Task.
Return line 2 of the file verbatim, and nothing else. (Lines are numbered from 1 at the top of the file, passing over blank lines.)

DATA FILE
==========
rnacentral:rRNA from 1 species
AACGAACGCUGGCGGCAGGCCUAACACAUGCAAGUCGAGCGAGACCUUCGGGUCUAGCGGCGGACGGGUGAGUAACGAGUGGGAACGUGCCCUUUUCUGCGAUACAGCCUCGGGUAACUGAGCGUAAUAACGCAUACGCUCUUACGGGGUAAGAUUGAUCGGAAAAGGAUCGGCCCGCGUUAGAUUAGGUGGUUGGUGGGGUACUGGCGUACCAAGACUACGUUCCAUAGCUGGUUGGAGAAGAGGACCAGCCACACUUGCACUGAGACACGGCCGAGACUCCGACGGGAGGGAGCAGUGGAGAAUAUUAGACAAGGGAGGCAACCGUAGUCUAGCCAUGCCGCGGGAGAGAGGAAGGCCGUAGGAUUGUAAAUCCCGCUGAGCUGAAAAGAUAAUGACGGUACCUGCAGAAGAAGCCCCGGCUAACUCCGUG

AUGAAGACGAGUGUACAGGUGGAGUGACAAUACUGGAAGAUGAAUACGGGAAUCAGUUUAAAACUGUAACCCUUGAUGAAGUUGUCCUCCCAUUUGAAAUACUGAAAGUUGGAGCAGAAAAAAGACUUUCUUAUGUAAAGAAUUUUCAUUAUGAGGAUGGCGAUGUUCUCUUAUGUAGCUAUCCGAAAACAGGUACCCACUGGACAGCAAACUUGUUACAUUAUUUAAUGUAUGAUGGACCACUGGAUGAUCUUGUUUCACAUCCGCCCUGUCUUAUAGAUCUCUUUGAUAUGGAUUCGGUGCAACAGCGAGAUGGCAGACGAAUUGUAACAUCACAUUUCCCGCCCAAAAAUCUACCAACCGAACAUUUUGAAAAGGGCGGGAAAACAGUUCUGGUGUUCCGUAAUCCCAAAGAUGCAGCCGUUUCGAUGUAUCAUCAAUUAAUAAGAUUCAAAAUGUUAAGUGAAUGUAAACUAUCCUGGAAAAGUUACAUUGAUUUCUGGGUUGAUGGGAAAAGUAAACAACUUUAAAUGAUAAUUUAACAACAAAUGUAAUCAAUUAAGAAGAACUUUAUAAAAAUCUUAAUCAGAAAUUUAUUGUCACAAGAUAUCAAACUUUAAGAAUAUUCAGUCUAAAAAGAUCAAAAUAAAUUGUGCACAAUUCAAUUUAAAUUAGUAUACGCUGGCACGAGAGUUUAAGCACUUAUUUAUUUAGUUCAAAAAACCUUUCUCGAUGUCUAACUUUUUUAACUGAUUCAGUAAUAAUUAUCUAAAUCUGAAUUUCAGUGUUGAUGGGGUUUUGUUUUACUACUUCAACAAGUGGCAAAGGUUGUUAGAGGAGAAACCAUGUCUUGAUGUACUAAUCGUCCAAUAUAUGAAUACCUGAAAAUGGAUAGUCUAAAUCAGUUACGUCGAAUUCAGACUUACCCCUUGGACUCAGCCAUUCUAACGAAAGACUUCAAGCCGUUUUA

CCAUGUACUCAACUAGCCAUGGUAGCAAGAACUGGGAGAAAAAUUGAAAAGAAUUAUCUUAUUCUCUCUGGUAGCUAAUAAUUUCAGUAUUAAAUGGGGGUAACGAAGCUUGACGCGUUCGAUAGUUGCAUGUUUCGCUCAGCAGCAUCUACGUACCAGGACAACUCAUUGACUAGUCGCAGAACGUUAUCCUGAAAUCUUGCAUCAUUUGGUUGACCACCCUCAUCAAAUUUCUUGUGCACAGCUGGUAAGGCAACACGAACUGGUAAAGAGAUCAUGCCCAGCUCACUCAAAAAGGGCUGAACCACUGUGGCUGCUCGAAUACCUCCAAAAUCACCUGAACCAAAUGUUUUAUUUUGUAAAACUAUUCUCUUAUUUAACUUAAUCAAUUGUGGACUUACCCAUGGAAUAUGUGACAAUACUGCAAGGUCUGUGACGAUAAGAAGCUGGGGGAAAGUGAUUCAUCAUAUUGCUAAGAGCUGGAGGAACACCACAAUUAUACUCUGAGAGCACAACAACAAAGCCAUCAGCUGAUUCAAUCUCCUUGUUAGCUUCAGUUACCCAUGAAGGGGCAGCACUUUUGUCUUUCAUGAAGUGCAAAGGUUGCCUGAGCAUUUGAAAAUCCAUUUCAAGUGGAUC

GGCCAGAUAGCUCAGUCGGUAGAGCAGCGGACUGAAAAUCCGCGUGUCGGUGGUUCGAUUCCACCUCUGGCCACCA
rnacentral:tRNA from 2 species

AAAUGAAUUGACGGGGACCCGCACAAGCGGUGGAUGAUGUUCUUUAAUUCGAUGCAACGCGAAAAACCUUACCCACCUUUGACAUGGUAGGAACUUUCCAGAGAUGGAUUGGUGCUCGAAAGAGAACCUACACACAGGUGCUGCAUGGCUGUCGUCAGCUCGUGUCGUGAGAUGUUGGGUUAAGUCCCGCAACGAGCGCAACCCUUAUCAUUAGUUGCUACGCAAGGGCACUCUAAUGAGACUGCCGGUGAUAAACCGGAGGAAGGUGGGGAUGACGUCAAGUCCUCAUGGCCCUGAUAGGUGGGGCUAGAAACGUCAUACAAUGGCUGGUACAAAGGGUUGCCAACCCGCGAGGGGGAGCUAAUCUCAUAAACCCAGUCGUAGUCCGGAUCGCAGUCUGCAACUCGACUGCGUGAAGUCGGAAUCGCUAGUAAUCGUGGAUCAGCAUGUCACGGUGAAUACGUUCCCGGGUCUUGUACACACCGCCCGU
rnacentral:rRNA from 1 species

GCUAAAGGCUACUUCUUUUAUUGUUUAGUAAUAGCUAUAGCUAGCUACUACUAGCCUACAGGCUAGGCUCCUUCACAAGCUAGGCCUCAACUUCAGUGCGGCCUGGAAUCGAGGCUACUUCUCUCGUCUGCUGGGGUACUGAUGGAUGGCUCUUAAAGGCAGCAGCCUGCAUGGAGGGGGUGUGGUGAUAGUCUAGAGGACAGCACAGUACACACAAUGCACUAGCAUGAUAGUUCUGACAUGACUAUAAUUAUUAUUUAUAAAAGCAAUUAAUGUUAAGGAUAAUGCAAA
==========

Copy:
AACGAACGCUGGCGGCAGGCCUAACACAUGCAAGUCGAGCGAGACCUUCGGGUCUAGCGGCGGACGGGUGAGUAACGAGUGGGAACGUGCCCUUUUCUGCGAUACAGCCUCGGGUAACUGAGCGUAAUAACGCAUACGCUCUUACGGGGUAAGAUUGAUCGGAAAAGGAUCGGCCCGCGUUAGAUUAGGUGGUUGGUGGGGUACUGGCGUACCAAGACUACGUUCCAUAGCUGGUUGGAGAAGAGGACCAGCCACACUUGCACUGAGACACGGCCGAGACUCCGACGGGAGGGAGCAGUGGAGAAUAUUAGACAAGGGAGGCAACCGUAGUCUAGCCAUGCCGCGGGAGAGAGGAAGGCCGUAGGAUUGUAAAUCCCGCUGAGCUGAAAAGAUAAUGACGGUACCUGCAGAAGAAGCCCCGGCUAACUCCGUG